Estate planning is a concept that is often considered more as a legal than a financial concern. It also tends to be attributed to people with larger, more valuable holdings that comprise their ‘estates’. Both of these contain elements of accuracy, but this does not make estate planning exclusive to attorneys or ‘the rich’. In fact, estate planning is a very important aspect of financial and retirement planning for anyone with some money and other assets, and who have minor children or special needs family members.
We start the estate planning process by asking our clients 3 general but important questions:

  • What do you want to happen to your money when you are gone, or if you become incapacitated while still living?
  • If you are the primary caregiver for a minor child or special needs family member, who will take over if you should die or become incapacitated?
  • What do you want to happen to you at the end of your life, or if you become incapacitated while still living?

In other words — Where do you want your money to go? Who would care for loved ones? How do you want to be cared for?
These are questions you must consider and address while you are still alive and still mentally able to. Too many people put off addressing these very important questions until it is too late, such as after death or after experiencing a medical issue that renders them incapacitated. And if you don’t provide clear and documented answers to these questions, then someone else will. For example, a court will decide these things for you, or family or other persons will. But here is the problem – they may do things and make decisions that are contrary to what you would have wanted. However, at the point of being either dead or incapacitated, you are obviously unable to intercede on your own behalf, or on behalf of others you care about. Failing to establish a complete and current estate plan can lead to major problems, including higher legal expenses and disagreements or all out fights between family members or business associates. Estates, businesses, and relationships can be utterly destroyed in some cases, which is why we strongly encourage our clients to address and complete this planning step.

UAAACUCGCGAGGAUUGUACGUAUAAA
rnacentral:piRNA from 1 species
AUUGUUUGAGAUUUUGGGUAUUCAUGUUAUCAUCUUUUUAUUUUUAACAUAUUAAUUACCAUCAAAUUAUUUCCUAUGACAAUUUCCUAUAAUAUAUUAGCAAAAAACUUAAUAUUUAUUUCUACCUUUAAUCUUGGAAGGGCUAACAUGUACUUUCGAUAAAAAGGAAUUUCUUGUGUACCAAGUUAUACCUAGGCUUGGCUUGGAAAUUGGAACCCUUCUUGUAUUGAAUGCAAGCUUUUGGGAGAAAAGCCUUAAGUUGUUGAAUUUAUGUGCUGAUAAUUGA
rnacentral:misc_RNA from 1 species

Estate planning is making certain that things happen the way you want them to if you are unable to state your wishes or provide direction. Estate plans can be fairly simple in nature and structure, or can be extremely complex depending on the amount and type of assets and the needs of family members or business associates. Some of the documents involved include a Will, Advanced Healthcare Directives, Power of Attorney for various purposes, various types of Trusts, along with other items if a business is involved and depending on other circumstances.
As financial and retirement planners, we are typically not involved in developing or drafting any of these documents and recommend that our clients seek out the assistance and advice of qualified legal professionals. But what is clear is that financial and retirement plans could and probably would be all for naught upon the death or incapacity of themselves, a spouse, or business associate.
As part of Step 6 we provide worksheets, internet tools, and partnerships that are designed to provide estate planning information and guidance. These are not a substitute for competent legal counsel, but can assist in developing an estate plan based on your particular needs and objectives.